Serious sporting head injuries

Perth Children’s Hospital has contributed to international research examining childhood head injuries. Researchers discovered that children who do recreational sports like skate boarding, bike riding and horse riding are more likely to suffer serious head injuries than children who play contact sport like AFL or rugby.

Research snapshot

  • Cases reviewed: 8,857
  • Age of participants: 5-18 years
  • Data from 10 emergency departments in Australian and New Zealand hospitals
  • 4 out of 5 of those injured were boys
  • The most frequent causes of serious head injury were:
    • bike riding (44%)
    • skateboarding (18%)
    • horse riding (16%)

What does this mean for families?

Doctor Meredith Borland, Director of the Emergency Department at PCH and co-researcher explains what this research means to families.

“There is always a lot of interest about team sports and concussion, but this study has helped us understand the significance of head injuries across all kinds of sports,” Meredith said.

“Knowing that more significant head injuries come from recreational sports than team sports is an important reminder to be more vigilant with safety and prevention.”

“We love to see kids enjoying the outdoors. Whether playing sports, being in the water or simply playing outside, help keep kids safe with these simple tips.”
  • Wear a helmet and safety gear when riding bikes, skateboards, scooters and horses
  • Ensure appropriate supervision for the age and activity
  • Take special care around water and pools
  • Use proper sun protection

Find out more about recreational safety

There are lots of websites that provide hints and tips for parents.

Bikes/Scooters/Skateboards safety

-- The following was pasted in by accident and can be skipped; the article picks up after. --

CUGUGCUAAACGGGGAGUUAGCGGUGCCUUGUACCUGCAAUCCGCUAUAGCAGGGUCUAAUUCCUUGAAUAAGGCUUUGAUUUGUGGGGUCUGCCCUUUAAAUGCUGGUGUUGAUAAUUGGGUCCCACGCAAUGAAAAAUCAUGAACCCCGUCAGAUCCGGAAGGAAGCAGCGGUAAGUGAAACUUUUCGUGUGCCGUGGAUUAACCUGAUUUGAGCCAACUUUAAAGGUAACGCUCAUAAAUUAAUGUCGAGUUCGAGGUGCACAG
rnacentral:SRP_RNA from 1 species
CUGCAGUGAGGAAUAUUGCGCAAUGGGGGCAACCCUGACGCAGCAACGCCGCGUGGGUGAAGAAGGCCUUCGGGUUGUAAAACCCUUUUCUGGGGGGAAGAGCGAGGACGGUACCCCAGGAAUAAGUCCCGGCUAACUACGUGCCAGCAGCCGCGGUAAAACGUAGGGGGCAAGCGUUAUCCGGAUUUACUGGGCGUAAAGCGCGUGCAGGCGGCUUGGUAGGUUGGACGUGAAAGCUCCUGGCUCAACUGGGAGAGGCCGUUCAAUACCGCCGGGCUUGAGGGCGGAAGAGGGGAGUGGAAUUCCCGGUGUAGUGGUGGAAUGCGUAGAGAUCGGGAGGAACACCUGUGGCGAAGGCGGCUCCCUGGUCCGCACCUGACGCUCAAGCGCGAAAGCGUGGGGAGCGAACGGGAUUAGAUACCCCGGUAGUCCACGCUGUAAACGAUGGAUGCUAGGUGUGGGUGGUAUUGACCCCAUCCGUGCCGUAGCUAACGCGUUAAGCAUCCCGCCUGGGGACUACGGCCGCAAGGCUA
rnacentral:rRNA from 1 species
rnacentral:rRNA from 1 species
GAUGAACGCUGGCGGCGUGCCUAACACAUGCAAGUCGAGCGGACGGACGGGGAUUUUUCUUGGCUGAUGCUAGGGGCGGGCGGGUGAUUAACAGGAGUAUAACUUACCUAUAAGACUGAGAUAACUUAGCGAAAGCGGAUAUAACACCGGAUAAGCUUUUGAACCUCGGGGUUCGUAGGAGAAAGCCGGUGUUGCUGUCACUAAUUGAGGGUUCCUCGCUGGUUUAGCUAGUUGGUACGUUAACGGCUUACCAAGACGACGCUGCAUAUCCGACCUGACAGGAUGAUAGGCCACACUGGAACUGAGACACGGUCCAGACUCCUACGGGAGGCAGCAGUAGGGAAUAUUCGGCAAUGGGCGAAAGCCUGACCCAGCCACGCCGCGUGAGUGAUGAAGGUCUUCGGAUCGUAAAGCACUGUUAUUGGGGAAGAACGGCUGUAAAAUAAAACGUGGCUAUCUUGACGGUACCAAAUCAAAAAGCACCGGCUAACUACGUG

Water Safety

Sun Safety

Extra information about this research

  • PCH was involved in this research via the PREDICT research network.
  • Research findings were published in the Australian Medical Journal (Publication: Nitaa Eapen, Gavin A Davis, Meredith L Borland, Natalie Phillips, Ed Oakley, Stephen Hearps, Amit Kochar, Sarah Dalton, John Cheek, Jeremy Furyk, Mark D Lyttle, Silvia Bressan, Louise Crowe, Stuart Dalziel, Emma Tavender, Franz E Babl. ‘Clinically important sportrelated traumatic brain injuries in children,’ Australian Medical Journal.)
  • Researchers looked at ‘íntracranial’ injuries in children.
  • 45 of the 3,177 sports-related head injuries were serious and classified as clinically important Traumatic Brain Injury (ciTBI), meaning the patient required either neuro-surgery, at least two nights in hospital and/or being placed on a breathing machine.
  • Sports which resulted in the most frequent reason for presentation to emergency departments included bike riding (16 per cent), rugby (13 per cent), AFL (10 per cent), other football (9 per cent), and soccer (8 per cent).
  • The most frequent causes of serious injury included bike riding (44 per cent), skateboarding (18 per cent), horse riding (16 per cent), with AFL and rugby resulting in one serious head injury each and soccer resulting none.
  • A total of 524 patients with sports-related head injuries (16 per cent) needed CT imaging, and 14 children required surgery.
  • Other hospitals and research institutes who contributed to the findings were Royal Children’s Hospital, University of Melbourne, University of Western Australia, Queensland Children’s Hospital, Children’s Health Research Centre, Brisbane, Women’s and Children’s Hospital, Adelaide, Children’s Hospital at Westmead, The Townsville Hospital, Bristol Royal Hospital for Children, Bristol, University of Padova, Starship Children’s Health, Auckland, University of Auckland, Monash Children’s Hospital and KidzFirst Middlemore Hospital, Auckland.
  • The study was funded by grants from the National Health and Medical Research Council; the Murdoch Children’s Research Institute, Melbourne; the Emergency Medicine Foundation, Brisbane; Perpetual Philanthropic Services; Auckland Medical Research Foundation and the A + Trust (Auckland District Health Board); WA Health Targeted Research Funds 2013; and the Townsville Hospital and Health Service Private Practice Research and Education Trust Fund; and was supported by the Victorian Government Infrastructure Support Program. Franz Babl was partly funded by an NHMRC Practitioner Fellowship and a Melbourne Campus Clinician Scientist fellowship. Stuart Dalziel was partly funded by the Health Research Council of New Zealand.